Today Harebrained turns toward another Weisman franchise, BattleTech, with a new Kickstarter campaign that aims to raise $250,000. Weisman is CEO of Harebrained. Once again, the company is looking to tell a big sci-fi story through turn-based combat mechanics. BattleTech's focus is on post-apocalyptic giant mechs, while Shadowrun tells the stories of fantasy characters in a cyberpunk dystopia.
Weisman wrote BattleTech back in the 1980s, when he was running his own role-playing game company, called FASA. Originally a board game, BattleTech then spawned role-playing world MechWarrior as well as dozens of books, card games and, of course, video games. Currently, Piranha Games runs MechWarrior Online, a successful first-person online shooter. Video game rights for BattleTech are owned by Microsoft.
So what's this new game, due to be released on PC in 2017, all about?
"It's a turn-based tactical combat game in which you'll be commanding a lance, which in BattleTech parlance is a squad of four mechs," says Weisman. "Those mechs are modeled from a systems standpoint in very high detail. The [human] MechWarriors who pilot those mechs have very deep skill trees you'll be managing. The turn-based nature of it allows us to get into the nitty-gritty of managing giant robots and all the systems in them, giving you the tactical feedback to do awesome stuff with all their firepower."
"One of the things that I love is the grounding of it," says Studio Manager Mitch Gitelman, "We're grounding BattleTech, so it doesn't just feel like this goofy sci-fi future. It's a logical extension of how people would behave and how people might live. You can ask, what if giant robots were real? What would happen and how would people behave?"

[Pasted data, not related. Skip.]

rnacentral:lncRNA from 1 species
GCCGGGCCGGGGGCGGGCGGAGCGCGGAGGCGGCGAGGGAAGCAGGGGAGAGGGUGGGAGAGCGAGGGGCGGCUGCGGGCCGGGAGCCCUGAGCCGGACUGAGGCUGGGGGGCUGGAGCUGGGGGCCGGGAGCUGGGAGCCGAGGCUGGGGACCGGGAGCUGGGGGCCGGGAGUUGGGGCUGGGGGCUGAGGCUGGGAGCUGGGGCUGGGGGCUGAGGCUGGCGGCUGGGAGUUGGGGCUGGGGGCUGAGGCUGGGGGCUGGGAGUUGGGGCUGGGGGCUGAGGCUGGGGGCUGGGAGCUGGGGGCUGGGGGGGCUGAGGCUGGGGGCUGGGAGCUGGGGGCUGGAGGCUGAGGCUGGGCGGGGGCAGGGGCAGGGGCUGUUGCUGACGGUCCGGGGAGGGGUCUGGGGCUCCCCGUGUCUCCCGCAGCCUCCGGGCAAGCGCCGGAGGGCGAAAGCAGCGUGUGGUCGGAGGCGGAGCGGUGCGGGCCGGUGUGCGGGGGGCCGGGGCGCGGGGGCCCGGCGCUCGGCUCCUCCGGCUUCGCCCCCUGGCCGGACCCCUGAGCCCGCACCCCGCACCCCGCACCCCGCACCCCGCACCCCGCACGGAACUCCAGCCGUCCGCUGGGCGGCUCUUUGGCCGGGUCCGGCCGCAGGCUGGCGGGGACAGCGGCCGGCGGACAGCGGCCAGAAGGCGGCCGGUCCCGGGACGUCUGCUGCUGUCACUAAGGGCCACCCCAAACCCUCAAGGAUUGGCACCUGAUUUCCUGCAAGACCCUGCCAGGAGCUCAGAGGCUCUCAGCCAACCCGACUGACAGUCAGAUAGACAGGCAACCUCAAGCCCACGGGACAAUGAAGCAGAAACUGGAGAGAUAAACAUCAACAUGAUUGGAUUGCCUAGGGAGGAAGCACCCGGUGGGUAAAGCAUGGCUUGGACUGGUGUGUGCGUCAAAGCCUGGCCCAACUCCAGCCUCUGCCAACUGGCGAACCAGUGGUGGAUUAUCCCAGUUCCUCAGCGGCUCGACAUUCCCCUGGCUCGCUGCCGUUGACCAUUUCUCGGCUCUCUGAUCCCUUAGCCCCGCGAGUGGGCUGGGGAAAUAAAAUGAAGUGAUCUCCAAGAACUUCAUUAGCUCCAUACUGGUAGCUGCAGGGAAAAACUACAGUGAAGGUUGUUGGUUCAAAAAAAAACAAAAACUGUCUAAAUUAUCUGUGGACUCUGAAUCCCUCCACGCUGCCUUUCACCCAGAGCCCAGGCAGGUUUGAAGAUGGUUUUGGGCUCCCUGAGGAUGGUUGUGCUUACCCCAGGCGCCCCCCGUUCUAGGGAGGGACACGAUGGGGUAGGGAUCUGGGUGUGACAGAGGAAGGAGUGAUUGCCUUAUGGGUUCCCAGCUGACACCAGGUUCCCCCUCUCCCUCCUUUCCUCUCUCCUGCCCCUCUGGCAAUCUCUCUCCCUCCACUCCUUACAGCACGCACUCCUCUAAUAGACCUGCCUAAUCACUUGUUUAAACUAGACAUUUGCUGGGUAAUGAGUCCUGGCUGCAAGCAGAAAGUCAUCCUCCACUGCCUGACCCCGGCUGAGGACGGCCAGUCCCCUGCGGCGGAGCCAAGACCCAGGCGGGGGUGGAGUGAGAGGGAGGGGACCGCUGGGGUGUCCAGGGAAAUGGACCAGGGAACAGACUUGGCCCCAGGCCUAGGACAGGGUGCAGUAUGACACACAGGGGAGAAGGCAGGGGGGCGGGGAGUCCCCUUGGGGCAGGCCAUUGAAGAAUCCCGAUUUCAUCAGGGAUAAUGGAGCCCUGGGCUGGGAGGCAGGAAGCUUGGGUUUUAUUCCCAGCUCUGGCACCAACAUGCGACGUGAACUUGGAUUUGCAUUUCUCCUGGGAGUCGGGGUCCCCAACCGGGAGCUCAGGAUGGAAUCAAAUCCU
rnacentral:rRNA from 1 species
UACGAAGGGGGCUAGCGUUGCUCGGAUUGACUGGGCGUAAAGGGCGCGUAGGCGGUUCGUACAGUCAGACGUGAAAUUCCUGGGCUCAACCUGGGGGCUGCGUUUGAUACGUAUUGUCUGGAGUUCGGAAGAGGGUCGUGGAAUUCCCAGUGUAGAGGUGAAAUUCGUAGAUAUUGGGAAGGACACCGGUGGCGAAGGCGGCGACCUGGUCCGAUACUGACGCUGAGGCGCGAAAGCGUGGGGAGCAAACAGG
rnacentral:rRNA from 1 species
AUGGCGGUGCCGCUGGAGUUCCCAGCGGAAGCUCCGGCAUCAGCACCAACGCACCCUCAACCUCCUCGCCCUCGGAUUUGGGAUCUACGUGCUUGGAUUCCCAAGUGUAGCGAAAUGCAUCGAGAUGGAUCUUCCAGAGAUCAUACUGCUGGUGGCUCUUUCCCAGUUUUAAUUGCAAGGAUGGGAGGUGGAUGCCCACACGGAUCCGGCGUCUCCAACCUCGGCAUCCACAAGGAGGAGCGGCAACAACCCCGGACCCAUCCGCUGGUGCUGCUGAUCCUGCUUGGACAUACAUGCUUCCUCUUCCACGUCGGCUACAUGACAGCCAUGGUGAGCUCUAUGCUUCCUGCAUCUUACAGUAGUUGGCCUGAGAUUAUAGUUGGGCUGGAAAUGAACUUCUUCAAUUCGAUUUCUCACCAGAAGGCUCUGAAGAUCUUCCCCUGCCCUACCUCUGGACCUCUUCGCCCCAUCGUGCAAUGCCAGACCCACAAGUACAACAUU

"What if giant robots were real?"
Turn-based strategy games, such as XCOM and Shadowrun Returns task players with efficient movement, positioning and firing of units. Use of cover is generally an essential element in keeping units alive. However, the use of giant machines means that cover is a far less important tactical device in this game.
"A lot of other turn-based games, like our Shadowrun series, are very cover-focused," says co-director Mike McCain. "But mechs stomp on cover. They don't hide behind it. Philosophically our goal is to take the same approach to BattleTech as we did with Shadowrun, which is to adopt the spirit of the source material experience, but not the literal rule set."
Necessarily, all BattleTech games need to demonstrate scale. Mechs are larger than life. They tower above their surroundings. Thus, hiding behind crumbling walls or neatly placed trucks is not really an option. Also, in a top-down isometric view, it can be difficult to impress the player with large objects.
"One of the key things in art directing any BattleTech game is to constantly reinforce the scale of the mechs," says Weisman. "We have this top down-ish perspective. It can be hard to reinforce the scale of the mechs when you're in that perspective. But I'm excited about some of the things Mike and the team have been doing in pre-production that still manage to demonstrate the size and strength of the mechs."